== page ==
The highly intelligent, networked car of the future will hit a milestone this week as 10 Japanese automakers are poised to announce they are developing their own operating system to help set a standard platform to build controls for everything from the engine to the entertainment system.
The common operating system could foster savings in development time and reduce needed coding (engine control systems can have a million lines of code), but more important usher in the multi-year transition to the industry's elusive "domain" model.
In that model, a set of domains with a central 32-bit operating system and a legion of surrounding 16-bit and 8-bit micro-processors govern systems such as the drive train, safety systems and entertainment.
"These are the things you read about in research papers and see at auto conferences," says Egil Juliussen, principal analyst at Telematics Research Group. "[Car makers] are thinking about it. In five or 10 years you will see this."
That is also the time frame in which the 10 Japanese automakers, including Toyota, Honda, and Nissan, hope to release their common operating system for automotive electronics, according to a report by Japan's Yomiuri Shimbun news agency.
It reported that Japan's Economy, Trade and Industry Ministry will commission the task of developing the OS to the Japan Automotive Software Platform and Architecture (JasPar) standards group, which also includes auto-parts makers and electronics firms such as Denso and Toshiba. The ministry plans to seek more than 1 billion yen in funding for the project during fiscal 2008.
On average today, a car includes 70 microprocessors, according the Telematics Research Group.
Juliussen says it is a good thing that the Japanese automakers are aiming at one OS, whereas today they have to reinvent the wheel nearly every time they use another micro-processor.
"Just like IT, they want one or two platforms," he says.
Toyota's separate plan
Last June, the Japanese magazine Nikkei Electronics Asia reported that Toyota and Nagoya University's Center for Embedded Computing Systems were developing an OS for automotive terminals to handle such functions as navigation, telematics and driving support. The OS is for automobile information systems, and includes functions to tie it to a car's control systems OS and allow the two to share microprocessor resources, according to the magazine.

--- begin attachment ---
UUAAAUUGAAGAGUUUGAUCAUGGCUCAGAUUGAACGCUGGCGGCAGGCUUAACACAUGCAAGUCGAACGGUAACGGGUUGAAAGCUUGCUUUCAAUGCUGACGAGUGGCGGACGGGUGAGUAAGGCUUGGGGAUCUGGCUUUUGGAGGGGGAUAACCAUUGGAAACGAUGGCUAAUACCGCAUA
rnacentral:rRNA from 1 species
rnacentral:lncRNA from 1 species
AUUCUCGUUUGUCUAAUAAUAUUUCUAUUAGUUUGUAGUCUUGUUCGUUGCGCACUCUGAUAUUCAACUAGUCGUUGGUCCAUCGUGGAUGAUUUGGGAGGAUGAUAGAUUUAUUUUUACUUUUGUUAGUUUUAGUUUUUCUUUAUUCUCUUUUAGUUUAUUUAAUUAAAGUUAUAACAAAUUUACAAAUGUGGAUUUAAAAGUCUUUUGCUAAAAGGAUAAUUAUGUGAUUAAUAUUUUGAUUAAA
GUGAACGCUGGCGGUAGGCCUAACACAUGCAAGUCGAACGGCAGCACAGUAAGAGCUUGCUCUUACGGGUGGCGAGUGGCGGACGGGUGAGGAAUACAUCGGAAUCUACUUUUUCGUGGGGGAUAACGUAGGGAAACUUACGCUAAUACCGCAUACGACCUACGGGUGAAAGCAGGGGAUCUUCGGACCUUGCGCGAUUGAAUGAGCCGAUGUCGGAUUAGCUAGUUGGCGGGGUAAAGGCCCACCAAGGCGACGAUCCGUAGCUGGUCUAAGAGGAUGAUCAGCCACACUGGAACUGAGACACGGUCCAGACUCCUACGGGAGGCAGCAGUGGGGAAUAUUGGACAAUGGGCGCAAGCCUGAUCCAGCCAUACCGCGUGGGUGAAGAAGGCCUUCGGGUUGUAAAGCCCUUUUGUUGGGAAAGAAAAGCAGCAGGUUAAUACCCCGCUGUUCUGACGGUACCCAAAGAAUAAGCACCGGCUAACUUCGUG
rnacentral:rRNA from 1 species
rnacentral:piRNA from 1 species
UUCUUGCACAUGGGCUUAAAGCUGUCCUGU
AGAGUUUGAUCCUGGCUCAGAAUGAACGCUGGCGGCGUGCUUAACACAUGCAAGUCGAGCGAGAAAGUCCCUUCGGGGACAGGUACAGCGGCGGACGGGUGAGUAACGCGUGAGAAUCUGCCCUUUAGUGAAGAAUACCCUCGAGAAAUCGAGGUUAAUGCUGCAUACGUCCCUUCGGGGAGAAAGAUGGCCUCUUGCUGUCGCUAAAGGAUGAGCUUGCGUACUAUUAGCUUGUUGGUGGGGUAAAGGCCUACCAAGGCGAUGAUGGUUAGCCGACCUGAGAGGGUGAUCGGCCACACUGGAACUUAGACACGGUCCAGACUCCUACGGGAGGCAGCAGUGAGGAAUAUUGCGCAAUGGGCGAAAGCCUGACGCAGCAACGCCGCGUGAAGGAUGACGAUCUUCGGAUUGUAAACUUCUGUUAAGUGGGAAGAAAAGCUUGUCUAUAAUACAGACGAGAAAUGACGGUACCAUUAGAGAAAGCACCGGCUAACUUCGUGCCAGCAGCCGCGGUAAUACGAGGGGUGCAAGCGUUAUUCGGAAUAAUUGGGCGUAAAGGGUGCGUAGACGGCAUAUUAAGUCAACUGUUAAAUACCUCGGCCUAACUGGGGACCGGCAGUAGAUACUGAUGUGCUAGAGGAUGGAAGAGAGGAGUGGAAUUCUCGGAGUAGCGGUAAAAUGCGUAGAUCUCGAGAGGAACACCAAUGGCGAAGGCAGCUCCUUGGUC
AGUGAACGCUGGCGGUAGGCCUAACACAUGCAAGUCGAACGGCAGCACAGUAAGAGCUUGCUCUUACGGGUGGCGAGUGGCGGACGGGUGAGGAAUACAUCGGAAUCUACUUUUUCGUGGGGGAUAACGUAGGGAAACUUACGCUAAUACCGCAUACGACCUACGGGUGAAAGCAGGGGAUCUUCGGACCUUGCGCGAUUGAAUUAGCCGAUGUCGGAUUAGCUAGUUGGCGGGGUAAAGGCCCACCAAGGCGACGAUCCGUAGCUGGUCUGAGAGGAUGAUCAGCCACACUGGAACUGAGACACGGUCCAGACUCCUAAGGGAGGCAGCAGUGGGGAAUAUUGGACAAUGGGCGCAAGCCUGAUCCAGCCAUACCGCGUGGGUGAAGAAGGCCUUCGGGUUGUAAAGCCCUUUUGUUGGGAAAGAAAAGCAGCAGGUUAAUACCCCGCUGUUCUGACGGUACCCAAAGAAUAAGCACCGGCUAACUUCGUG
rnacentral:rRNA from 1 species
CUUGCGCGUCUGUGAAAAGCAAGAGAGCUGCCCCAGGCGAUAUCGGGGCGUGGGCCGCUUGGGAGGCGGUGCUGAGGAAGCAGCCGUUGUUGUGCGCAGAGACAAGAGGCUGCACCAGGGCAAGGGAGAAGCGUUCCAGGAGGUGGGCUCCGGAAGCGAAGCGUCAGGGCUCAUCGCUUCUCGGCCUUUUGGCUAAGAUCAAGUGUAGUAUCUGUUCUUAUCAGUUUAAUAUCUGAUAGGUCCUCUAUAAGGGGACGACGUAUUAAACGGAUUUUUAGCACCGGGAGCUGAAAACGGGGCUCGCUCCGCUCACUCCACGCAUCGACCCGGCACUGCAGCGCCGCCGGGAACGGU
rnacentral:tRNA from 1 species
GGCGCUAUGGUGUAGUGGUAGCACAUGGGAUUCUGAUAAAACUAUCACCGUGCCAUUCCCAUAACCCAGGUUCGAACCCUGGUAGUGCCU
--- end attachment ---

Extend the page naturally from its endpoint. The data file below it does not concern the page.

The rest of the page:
Toyota plans for the future terminals to run a single multi-core processor and the company said it would make the OS available to other manufacturers via JasPar.
While the new Japanese automaker OS effort and last year's announcement from Toyota/Nagoya seem similar, there is no word if one is the outgrowth of the other.
Toyota/Nagoya had tabbed 2010 for rollout of its OS while the new alliance is hoping for a prototype in 2009 and in the market within the next decade, according to Yomiuri Shimbun.
Lots of automotive operating systems
There are a number of real-time operating systems in use today including industry leader OSEK, which was developed by auto-parts maker Bosch, and includes specifications for an embedded operating system, a communications stack, and a network management protocol for automotive embedded systems.
"It is proven in Europe," Juliussen says. "They might have to upgrade it at some point, but it won't go away."
There are also operating systems from companies such as Microsoft, which in January said its Windows Auto-based Sync OS would power hands-free mobile phone communication, e-mail, and music downloads within a dozen Ford vehicles rolling out this fall.
Toyota, among others, uses the Windows Auto platform for navigation systems and its G-Book telematics units on some of its cars, but it is unclear if that will change when the Japanese alliance OS is developed.
In addition, there are software models such as the AuTomotive Open System Architecture (AutoSar) and communications technologies such as FlexRay, a time-critical bus, and MOST, a high performance bus, that help support control functions such as fuel injection, airbags and power steering.
In the United States, Wind River's provides a platform for developing telematics, infotainment, navigation, and entertainment that includes its VxWorks real-time operating system, and Green Hills Software develops the Intergrity and Velosity, real-time operating systems and a real-time microkernel.
This story, "Japanese Automakers Rev Up New Car OS" was originally published by Network World.